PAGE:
Energy content of the evening meal alters nocturnal body temperature but not sleep

Helen S. Driver, Ingrid Shulman, Fiona C. Baker, Rochelle Buffenstein

Research output: Contribution to journalArticlepeer-review

22 Scopus citations

Abstract

Meals of varying energy content and episodes of sleep influence body temperature. We compared the effect of an evening meal, varying from high- energy (11.91 ± 0.86 MJ) to average (5.74 ± 0.88 MJ) and a 10-h fast (no evening meal), on nocturnal body temperature and sleep. Seven healthy men (20-24 years, mean body mass index of 23.4 ± 2.6 kg/m2) reported to the laboratory for an evening meal at 2000 h having consumed similar amounts of food before 1300 h. After completing the meal, subjective hunger ratings were assessed, and a venous blood sample taken. The subjects spent 4 nonconsecutive nights (an adaptation night, followed by either of the two meal conditions or the fast in random order) in the sleep laboratory when polysomnographic recordings were made from 2300 to 0700 h. Meal energy content and serum concentrations of insulin, triglyceride, and low-density lipoproteins (LDL) varied significantly. Lower rectal temperatures were measured during the fast than following the meals. Over the 8-h recording period, thermal response indices (TRI) varied with higher body temperatures following the higher energy meal. Similar rectal temperatures were attained by the end of the sleep periods. There were no significant differences in any of the subjective or objective sleep measures. The physiological responses associated with the transient dietary changes of an evening meal or a 10-h fast altered nocturnal body temperature but did not significantly affect sleep of good sleepers when sleep was initiated 2 to 3 h after finishing the meal.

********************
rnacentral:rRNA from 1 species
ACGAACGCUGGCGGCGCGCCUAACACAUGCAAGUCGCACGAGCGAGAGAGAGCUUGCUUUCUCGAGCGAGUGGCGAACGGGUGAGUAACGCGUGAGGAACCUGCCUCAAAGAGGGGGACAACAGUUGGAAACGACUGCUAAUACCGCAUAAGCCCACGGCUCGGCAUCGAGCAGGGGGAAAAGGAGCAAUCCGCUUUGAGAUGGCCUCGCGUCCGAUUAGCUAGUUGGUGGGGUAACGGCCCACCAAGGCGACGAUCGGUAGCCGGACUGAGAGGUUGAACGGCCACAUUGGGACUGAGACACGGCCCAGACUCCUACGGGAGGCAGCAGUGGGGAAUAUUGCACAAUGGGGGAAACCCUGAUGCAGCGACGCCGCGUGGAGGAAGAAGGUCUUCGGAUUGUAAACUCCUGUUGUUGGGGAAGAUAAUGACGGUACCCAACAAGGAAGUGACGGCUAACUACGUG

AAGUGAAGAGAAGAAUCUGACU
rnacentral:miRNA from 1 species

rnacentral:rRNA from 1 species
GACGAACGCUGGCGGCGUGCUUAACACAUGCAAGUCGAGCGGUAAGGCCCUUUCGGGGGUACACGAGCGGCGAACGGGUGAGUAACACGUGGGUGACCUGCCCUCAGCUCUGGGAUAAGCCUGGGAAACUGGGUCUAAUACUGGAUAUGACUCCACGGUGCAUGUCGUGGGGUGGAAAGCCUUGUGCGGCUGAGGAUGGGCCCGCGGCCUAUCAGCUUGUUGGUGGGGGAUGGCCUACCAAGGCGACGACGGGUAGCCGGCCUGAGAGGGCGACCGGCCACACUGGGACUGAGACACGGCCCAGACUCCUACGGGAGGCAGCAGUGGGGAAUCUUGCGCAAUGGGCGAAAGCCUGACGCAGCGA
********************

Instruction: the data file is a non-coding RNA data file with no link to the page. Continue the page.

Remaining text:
Original languageEnglish (US)
Pages (from-to)17-23
Number of pages7
JournalPhysiology and Behavior
Volume68
Issue number1-2
DOIs
StatePublished - Jan 1 1999

Keywords

  • Energy intake
  • Insulin
  • Nocturnal body temperature
  • Postprandial
  • Sleep
  • Thermic effect of food

ASJC Scopus subject areas

  • Experimental and Cognitive Psychology
  • Behavioral Neuroscience

Fingerprint Dive into the research topics of 'Energy content of the evening meal alters nocturnal body temperature but not sleep'. Together they form a unique fingerprint.

Cite this